Guest Blog: Budgetary Experiment for a Halfway Adult

Hi, readers!

First, I want to thank Jane for letting me write a guest post on Sustainable in the South. Some of you might already know this, but in case you don’t, Jane and I have known each other since middle school. I feel privileged to have had her as a friend so long. She is great, and so of course her blog is, too. I’ll do my best to live up to the excellence.

Like many of you, I recently spent a lot of money on holiday gifts, drinks, and eating out. I never regret spending money on gifts for people or fun experiences with friends and family. However, my bank account is screaming at me to stop spending so much money.

As an aside, I continued spending more money after the holidays, because I recently went through a very painful break-up, so I did a “Treat Yo’Self” for myself, as they do in my favorite TV show, Parks and Recreation. It felt good, but now I am feeling the post-holiday budget tightening more than usual.

Anyway, with support from Jane, I am embarking on a month-long budgetary experiment in February. Jane is restricting her spending by choosing a set amount of cash to spend, and that is a totally valid way to watch spending. It works for her, and I will do my best to help her achieve her goal. But, for me the easier way to restrict my spending is to limit when I can spend money on certain things, and which categories of spending I need to cut out altogether.

Disclaimer: This is a demonstration for one month only, so I am not canceling any standing expenses, like a rolling donation I make to NPR, my curbside composting program, or accounts like Spotify. However, if I were to establish a more permanent strict budget, I would reevaluate such monthly expenses.

Below is a list of expenses which will be allowed in February:

  1. Gas for my car (2 full tanks – at current prices about $40)
  2. Social events with friends / family on weekends (in February this will include two birthday celebrations, one of which is a weekend-long trip to Asheville, so this category may actually end up being large, just because of timing)
  3. Necessities (groceries, bills, loan payments, insurance)
  4. Emergencies (medical and car) Note: I am a bike commuter, so if something should happen to my bike in February, I will try to fix it myself or with the help of a knowledgeable friend, using YouTube and Google as a guide.

Below is a list of expenses which will NOT be allowed in February:

  1. Clothes
  2. Eating out during the week (this will definitely require some diligence on my part to never forget to bring food to work)
  3. Getting drinks during the week
    Note: #2 and 3 simply mean that any socializing I do during the week will have to be free — hanging out at someone’s house, exercising together, Netflix, etc. I don’t plan to be a hermit during February 🙂
  4. Buying things online (e.g., books, stuff for my bike, those random Amazon purchases you know we all make sometimes)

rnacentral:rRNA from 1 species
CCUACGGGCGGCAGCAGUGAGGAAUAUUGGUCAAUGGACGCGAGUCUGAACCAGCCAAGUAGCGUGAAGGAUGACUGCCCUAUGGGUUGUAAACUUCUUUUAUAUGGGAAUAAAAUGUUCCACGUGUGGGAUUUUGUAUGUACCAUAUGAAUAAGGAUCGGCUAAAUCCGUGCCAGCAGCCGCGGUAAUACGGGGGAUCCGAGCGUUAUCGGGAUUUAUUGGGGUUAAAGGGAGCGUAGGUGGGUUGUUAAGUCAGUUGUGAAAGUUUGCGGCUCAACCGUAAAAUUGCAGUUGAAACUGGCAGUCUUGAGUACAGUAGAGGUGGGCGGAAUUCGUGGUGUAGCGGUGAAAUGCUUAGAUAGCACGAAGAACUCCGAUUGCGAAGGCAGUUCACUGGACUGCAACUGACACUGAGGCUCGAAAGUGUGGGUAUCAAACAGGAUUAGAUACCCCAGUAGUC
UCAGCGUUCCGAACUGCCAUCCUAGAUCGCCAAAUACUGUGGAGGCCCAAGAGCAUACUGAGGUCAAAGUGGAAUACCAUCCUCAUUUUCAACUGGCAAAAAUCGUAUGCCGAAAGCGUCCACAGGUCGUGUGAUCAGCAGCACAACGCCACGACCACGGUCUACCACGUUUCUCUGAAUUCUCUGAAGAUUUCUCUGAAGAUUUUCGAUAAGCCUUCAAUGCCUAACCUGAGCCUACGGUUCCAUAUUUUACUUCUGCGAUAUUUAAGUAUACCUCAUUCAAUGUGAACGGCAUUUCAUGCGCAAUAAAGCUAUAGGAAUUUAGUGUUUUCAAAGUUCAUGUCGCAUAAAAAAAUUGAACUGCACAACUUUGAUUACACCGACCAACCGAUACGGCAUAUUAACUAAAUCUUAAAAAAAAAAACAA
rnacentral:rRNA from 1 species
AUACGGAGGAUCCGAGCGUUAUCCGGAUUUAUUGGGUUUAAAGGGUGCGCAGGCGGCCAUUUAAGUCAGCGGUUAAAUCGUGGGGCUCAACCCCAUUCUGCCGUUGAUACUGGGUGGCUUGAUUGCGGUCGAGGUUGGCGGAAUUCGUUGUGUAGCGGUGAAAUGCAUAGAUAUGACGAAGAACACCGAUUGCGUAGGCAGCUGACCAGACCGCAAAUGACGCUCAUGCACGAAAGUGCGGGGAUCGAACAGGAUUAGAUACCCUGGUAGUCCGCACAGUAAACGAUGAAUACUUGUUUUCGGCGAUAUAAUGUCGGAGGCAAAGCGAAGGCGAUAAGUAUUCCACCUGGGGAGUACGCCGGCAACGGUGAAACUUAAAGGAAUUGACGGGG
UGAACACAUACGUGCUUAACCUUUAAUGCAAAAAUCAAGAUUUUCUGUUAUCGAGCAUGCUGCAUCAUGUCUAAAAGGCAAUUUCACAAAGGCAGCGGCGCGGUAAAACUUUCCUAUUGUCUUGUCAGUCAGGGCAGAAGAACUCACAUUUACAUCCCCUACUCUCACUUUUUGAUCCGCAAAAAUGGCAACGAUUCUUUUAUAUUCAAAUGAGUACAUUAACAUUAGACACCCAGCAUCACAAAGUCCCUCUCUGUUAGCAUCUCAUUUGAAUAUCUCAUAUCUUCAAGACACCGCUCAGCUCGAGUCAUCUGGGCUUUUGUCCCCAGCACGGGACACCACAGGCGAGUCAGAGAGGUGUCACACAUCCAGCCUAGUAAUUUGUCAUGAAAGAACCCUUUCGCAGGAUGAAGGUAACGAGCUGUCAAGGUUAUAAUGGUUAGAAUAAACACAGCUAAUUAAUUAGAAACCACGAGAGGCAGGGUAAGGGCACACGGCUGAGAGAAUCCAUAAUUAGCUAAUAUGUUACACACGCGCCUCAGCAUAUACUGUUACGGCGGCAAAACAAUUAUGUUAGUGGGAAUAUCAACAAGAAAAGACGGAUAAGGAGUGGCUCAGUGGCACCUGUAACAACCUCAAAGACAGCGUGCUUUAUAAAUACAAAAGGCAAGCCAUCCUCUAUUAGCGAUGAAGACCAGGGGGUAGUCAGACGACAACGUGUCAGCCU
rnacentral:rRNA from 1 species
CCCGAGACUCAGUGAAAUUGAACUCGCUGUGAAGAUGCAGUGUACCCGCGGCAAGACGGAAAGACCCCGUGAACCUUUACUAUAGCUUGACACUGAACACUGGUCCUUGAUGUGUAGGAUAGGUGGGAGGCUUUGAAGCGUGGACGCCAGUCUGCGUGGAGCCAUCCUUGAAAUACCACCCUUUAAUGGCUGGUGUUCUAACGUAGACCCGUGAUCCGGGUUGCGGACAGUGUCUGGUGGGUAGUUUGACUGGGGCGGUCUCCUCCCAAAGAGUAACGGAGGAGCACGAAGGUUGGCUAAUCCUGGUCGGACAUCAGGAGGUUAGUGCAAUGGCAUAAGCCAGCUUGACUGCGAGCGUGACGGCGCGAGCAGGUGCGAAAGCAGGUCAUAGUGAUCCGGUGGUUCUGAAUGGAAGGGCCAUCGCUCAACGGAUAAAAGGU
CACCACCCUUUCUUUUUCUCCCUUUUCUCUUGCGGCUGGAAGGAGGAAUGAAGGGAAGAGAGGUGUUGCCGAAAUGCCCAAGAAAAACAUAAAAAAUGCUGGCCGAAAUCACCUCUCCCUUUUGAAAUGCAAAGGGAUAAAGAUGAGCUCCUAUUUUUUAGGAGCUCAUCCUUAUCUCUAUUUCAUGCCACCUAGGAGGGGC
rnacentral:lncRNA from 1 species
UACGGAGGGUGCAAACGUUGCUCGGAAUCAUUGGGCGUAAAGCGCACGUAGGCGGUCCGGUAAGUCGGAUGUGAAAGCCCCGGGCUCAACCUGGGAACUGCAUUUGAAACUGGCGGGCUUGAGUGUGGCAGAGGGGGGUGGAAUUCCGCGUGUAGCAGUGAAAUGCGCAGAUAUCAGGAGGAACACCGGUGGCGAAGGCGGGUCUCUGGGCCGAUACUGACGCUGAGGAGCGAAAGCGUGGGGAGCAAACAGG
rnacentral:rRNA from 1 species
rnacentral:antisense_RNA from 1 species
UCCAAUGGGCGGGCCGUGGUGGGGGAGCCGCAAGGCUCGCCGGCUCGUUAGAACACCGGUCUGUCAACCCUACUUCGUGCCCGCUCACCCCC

5. Material gifts for friends / family
  6. Alcohol for at home — no six packs or bottles of wine allowed! This may have some other health-related benefits as well 😉
  7. Anything at my favorite coffee shop/pub, Walker’s. (Yes, this is an actual spending category. You should see how many times Walker’s comes up in my bank statements.)

Below is a list of things I will reduce, in an effort to save money:

  1. Grocery bill — no impulse-buying snack food or ice cream. I will stick to my list.
  2. Heat / electricity — my roommate and I will be more diligent about our habits (lower our thermostat, be more careful about turning off lights, etc.)
  3. The number of drinks / food I order while out with friends on weekends.
  4. The amount I drive, which is already pretty low, but can always be reduced.

Currently, I do have a budget that I follow. I recently graduated from my master’s program and turned 26. It’s exciting! Aaaand now I have some new monthly expenses, namely loan payments and health insurance. I have two part-time jobs, which give me enough money to live and put some in my savings account (for the first time since before grad school). However, in this budget I have categories which will be temporarily cut for this demonstration. They include ‘clothing,’ ‘miscellaneous,’ and ‘necessary.’ The necessary category includes things like OTC medicine, household cleaners, and other items which are not needed regularly, so they cannot necessarily be included monthly in ‘groceries,’ but which I need to buy.

I felt it necessary to explain that I don’t normally spend money willy-nilly. Rather, I understand that some things I budget for could be lived without. And, since I am hurting for cash this month, I am making sure I am responsible and disciplined enough to go without them for a while, until I can build back my bank account.

Please follow along to see how this works out! Thanks for reading, and happy spending (or saving)!

Lauren

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